A Christmas Flop by Air Force Public Affairs


Here’s a photo featured over Christmas day on the U.S. Army Facebook page, featuring two soldiers operating in the field.

Army Xmas

Here’s the Navy’s offering, featuring a sailor standing watch.

Navy Xmas

The USMC had a little more fun, showcasing this snapshot featuring eight Marines on the march, one clad in the garb of Santa Clause.

Marines Xmas

And here we have what the Air Force came up with. No airmen. Half a silhouette of an airplane. Not even a picture per se. Just a link to a 45-minute rendition of “holiday” music from the service’s own music website. Yes, you read that correctly: the Air Force has a dedicated music website.

Screen Shot 2015-12-25 at 7.02.42 PM

If you were an alien watching from space with only the coverage provided by Air Force Public Affairs (PA) as your guide, you’d never know it was about airplanes, airmen, or airpower. You’d believe instead that it was little more than a uniform-clad traveling musical act with a vague interest in aviation.

PA coverage has devolved from merely misguided to an often sad, almost sick joke and a frequent discredit to the airmen it exists to champion and represent. This Christmas, as the service mourned the loss of six airmen to a suicide bomber in Afghanistan, the embarrassing ineptitude found a new low.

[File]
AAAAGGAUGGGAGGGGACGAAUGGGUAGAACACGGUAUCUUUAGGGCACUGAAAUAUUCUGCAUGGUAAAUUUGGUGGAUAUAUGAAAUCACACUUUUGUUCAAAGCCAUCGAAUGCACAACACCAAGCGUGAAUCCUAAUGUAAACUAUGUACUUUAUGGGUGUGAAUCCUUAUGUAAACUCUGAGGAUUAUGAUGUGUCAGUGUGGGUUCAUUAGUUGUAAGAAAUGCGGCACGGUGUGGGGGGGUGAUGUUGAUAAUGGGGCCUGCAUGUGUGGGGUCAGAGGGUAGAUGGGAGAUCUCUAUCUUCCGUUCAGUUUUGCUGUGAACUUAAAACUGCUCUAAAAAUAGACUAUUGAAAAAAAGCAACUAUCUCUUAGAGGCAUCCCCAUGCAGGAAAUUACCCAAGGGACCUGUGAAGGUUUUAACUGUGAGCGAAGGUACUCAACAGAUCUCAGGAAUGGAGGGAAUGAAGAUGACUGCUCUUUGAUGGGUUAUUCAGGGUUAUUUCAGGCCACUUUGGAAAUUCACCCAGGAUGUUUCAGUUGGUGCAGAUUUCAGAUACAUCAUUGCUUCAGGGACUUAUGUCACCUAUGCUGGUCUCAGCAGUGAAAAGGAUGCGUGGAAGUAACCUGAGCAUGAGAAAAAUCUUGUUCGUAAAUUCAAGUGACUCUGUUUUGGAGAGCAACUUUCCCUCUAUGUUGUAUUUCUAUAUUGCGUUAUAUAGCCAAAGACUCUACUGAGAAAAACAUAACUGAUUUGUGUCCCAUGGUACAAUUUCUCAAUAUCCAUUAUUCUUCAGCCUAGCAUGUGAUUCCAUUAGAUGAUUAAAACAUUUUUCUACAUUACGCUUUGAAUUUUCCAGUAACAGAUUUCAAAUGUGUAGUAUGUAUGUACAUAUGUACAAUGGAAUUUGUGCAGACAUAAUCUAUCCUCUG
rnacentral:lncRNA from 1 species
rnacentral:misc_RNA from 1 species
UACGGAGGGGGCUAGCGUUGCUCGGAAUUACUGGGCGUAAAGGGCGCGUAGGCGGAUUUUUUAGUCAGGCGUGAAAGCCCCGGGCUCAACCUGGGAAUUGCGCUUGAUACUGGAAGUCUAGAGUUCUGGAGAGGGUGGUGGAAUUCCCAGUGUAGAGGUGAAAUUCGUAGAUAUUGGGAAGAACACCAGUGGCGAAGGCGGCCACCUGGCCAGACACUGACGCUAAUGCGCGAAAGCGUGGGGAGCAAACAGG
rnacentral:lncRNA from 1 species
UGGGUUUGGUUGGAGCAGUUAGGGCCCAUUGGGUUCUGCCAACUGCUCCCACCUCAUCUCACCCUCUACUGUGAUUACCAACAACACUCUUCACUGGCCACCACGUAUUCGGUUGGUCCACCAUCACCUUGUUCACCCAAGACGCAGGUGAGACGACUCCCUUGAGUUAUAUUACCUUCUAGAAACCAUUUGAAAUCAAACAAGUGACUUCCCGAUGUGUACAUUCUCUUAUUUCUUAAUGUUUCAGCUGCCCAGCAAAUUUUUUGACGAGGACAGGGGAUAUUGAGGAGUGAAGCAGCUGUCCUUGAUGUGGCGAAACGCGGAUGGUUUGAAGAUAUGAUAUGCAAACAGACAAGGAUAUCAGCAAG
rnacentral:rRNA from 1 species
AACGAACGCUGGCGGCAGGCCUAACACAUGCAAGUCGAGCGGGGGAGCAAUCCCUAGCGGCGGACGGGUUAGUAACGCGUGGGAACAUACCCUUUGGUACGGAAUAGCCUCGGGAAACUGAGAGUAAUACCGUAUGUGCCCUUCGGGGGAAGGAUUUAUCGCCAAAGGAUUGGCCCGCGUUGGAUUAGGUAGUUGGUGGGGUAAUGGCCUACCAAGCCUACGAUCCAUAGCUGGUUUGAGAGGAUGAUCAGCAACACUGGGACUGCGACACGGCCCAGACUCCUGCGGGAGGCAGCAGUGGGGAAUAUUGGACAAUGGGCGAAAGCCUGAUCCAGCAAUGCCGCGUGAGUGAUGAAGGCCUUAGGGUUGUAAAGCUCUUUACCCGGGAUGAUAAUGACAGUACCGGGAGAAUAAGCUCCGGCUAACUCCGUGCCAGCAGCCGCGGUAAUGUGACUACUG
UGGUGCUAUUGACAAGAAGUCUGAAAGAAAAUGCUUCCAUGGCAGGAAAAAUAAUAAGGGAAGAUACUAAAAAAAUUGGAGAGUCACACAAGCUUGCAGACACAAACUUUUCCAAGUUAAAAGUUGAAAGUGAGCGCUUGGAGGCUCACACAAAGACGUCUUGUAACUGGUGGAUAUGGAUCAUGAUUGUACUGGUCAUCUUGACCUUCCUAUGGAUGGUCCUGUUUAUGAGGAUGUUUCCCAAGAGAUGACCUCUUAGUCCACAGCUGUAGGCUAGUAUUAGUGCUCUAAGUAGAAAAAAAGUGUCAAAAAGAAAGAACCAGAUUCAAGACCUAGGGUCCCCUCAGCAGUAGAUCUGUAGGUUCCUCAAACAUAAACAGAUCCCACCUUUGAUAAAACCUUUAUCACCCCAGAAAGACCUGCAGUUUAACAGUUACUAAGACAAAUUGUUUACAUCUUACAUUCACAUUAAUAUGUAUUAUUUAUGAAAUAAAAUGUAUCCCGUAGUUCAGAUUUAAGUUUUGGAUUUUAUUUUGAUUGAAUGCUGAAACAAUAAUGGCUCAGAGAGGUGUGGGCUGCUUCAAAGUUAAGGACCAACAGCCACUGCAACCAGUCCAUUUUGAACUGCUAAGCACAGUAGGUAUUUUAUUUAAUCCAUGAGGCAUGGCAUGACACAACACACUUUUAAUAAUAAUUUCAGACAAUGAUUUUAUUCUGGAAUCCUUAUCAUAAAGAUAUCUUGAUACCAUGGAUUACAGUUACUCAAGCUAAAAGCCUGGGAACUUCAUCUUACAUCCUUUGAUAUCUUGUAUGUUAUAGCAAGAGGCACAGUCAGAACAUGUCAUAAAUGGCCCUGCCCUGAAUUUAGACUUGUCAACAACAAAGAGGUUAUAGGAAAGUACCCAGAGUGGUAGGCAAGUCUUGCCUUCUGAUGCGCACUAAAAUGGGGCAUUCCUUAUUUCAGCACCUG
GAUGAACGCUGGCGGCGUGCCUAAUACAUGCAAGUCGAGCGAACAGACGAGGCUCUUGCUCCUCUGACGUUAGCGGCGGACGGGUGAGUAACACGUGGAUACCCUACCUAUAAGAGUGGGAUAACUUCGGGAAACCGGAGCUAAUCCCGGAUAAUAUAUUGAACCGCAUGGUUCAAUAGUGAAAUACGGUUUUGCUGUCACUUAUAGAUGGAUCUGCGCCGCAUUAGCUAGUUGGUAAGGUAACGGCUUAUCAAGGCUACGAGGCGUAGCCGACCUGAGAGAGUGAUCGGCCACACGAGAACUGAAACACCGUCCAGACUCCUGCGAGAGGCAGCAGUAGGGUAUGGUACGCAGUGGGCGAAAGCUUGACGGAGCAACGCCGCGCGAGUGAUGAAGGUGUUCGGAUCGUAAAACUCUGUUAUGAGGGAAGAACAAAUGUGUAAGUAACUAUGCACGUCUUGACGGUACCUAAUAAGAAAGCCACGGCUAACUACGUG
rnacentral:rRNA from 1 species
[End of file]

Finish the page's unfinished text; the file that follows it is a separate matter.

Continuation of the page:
It’s unlikely that senior officials made this particular coverage decision. It was likely made by a hapless and oblivious mid-level functionary simply doing what s/he thought the boss would want.

But senior officials, particularly Brig. Gen. Kathleen Cook (director of Air Force PA) and her boss, Secretary Deborah Lee James, have set the tone and created the climate within which dubious PA performance thrives. Coverage is too often tone deaf, untethered from the service’s mission, and at odds with its history and heritage. It amounts to little more than a celebrity sing-along and selfie-fest. The habits have to change, starting at the top.

Symbolism matters. What we promote and emphasize matters. The Air Force’s Facebook page has nearly 2.3 million followers (incidentally the lowest of the four services, which perhaps says something about editorial choices).  Coverage like this leaves them with all the wrong impressions about who we are and what we do. It helps explain internal dissonance and external division, and is part of an overall pattern of mediocrity that will eventually harm our ability to secure the resources and support necessary to fight and win through air and space.

PA, you’ve got 660,000 stories to tell. Enough with the bands. Make 2016 a year of showcasing airpower and those who make it happen.

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